One trademark of a bully, it’s never them. It’s everyone else who creates the issues.
James Harrison, Linebacker; Pittsburgh Steelers 2002-2012, Cincinnati Bengals 2013
In 2012, an ESPN poll asked NFL Players who was the most violent and dangerous in the league, Harrison was the overwhelming winner with 67.5 percent of the vote.
Harrison struggled to establish himself in the NFL but when he arrived he made sure everyone knew it, particularly commissioner Roger Goodell.
In 2010 Harrison was fined a total of $125,000 in 2010, $75,000 of that for a hit against the Browns’ Mohamed Massaquoi. He gave an encore of that hit in 2011 when a violent helmet to facemask hit on Browns quarterback Colt McCoy.
The sad part about Harrison’s incidents is he has never taken any accountability for any of the hits he’s been flagged for. He’s never made an illegal hit, it’s the referees and Goodell who are the problem.
George Trafton, Center; Chicago Staleys/Bears 1920-1921, 1923-1932
George Trafton was elected to the Pro Football Hall of Fame in 1964. He is widely credited as being the first center in NFL history to snap the ball with one hand. He also wasn’t afraid to take on anyone, on or off the field. As Red Grange once described him he was, “the toughest, meanest, most ornery critter alive.”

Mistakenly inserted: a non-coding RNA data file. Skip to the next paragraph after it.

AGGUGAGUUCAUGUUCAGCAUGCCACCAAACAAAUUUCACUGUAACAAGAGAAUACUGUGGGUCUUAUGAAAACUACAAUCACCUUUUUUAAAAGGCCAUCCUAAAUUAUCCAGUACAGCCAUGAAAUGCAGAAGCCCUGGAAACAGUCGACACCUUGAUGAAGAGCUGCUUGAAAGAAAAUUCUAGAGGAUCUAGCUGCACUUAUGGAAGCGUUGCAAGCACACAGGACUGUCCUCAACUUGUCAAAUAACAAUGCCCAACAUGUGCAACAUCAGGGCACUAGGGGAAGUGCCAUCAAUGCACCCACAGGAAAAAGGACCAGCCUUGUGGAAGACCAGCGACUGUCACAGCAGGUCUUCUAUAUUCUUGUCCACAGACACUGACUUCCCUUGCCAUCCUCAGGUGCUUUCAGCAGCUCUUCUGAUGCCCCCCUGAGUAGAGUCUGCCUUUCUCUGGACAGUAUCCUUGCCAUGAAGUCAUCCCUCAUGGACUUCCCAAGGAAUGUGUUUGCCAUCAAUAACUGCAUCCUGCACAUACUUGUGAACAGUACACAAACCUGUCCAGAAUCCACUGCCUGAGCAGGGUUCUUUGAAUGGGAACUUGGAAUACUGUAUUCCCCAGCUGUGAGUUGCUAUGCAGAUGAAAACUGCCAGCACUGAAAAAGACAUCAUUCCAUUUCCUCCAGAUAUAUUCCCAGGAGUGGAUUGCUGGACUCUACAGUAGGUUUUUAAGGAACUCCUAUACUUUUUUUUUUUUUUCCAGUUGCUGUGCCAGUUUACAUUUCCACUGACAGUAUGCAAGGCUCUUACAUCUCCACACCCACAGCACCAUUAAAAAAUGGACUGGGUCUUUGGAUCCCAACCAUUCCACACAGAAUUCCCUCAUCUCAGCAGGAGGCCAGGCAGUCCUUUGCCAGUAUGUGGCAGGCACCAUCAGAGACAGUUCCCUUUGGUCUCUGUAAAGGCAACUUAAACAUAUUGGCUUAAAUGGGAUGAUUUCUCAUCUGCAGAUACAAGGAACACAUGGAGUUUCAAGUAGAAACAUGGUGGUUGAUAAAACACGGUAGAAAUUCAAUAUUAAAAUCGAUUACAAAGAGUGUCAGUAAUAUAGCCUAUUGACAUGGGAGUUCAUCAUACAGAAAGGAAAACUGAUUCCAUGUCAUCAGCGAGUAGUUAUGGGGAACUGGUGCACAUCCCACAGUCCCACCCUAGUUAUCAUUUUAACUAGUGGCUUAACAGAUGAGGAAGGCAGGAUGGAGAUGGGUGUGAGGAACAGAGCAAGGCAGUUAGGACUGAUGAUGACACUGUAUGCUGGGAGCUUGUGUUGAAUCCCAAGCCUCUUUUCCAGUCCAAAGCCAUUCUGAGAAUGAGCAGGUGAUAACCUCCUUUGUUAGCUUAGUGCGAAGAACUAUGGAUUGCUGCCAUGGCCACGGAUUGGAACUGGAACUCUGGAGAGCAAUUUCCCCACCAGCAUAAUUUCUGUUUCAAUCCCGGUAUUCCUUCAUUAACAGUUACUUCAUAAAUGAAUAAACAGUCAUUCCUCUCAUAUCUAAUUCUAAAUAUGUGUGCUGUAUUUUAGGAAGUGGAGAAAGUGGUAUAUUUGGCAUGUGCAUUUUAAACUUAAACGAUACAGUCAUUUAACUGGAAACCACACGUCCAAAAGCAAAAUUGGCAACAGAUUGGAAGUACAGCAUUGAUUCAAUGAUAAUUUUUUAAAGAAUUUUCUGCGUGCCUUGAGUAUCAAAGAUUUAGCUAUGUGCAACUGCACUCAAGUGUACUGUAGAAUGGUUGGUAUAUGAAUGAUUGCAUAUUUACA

One writer noted that Trafton was strongly disliked in every city in the NFL except Green Bay and Rock Island. In those two places, “He was hated.”
In one 1920 game against Rock Island he knocked out four players in the space of 12 plays while fans yelled threats at him from the stands. He also hit a Rock Island halfback, knocking him against a nearby fence, breaking his leg.
The second the game was over he sprinted past the Bears’ bench, grabbed a sweatshirt to hide his uniform and dashed for the exit. Trafton jumped into a cab but leapt out when rocks came crashing through the windows and raced away on foot.
The next time the Bears played in Rock Island George Halas let him carry the $7,000 game share back to Chicago. He said, “I knew that if trouble came Trafton would be running for his life. I would only be running for the $7,000.
Jack Tatum, Safety; Oakland Raiders 1971-1979, Houston Oilers 1980
Any player who could bear the nickname “The Assassin” with pride cannot be ignored when compiling a list of NFL bullies. While a majority of his signature hits would be illegal in today’s NFL they were within the rules in Tatum’s day which makes him less a dirty player and more a scary one. His reputation as one of the hardest hitters in the NFL had every receiver cutting across the middle of the field looking over their shoulder.
The first of Tatum’s signature incidents came in Super Bowl XI against the Minnesota Vikings. Sammy White caught a ball coming across the middle when Tatum collided head-to-head with him, sending his helmet flying five yards away.
The hit Tatum was most vilified for came in a 1978 preseason game against the New England Patriots. As wide receiver Darryl Stingley leapt to catch a pass Tatum drilled him. Stingley landed with two broken vertebrae and was paralyzed for the rest of his life.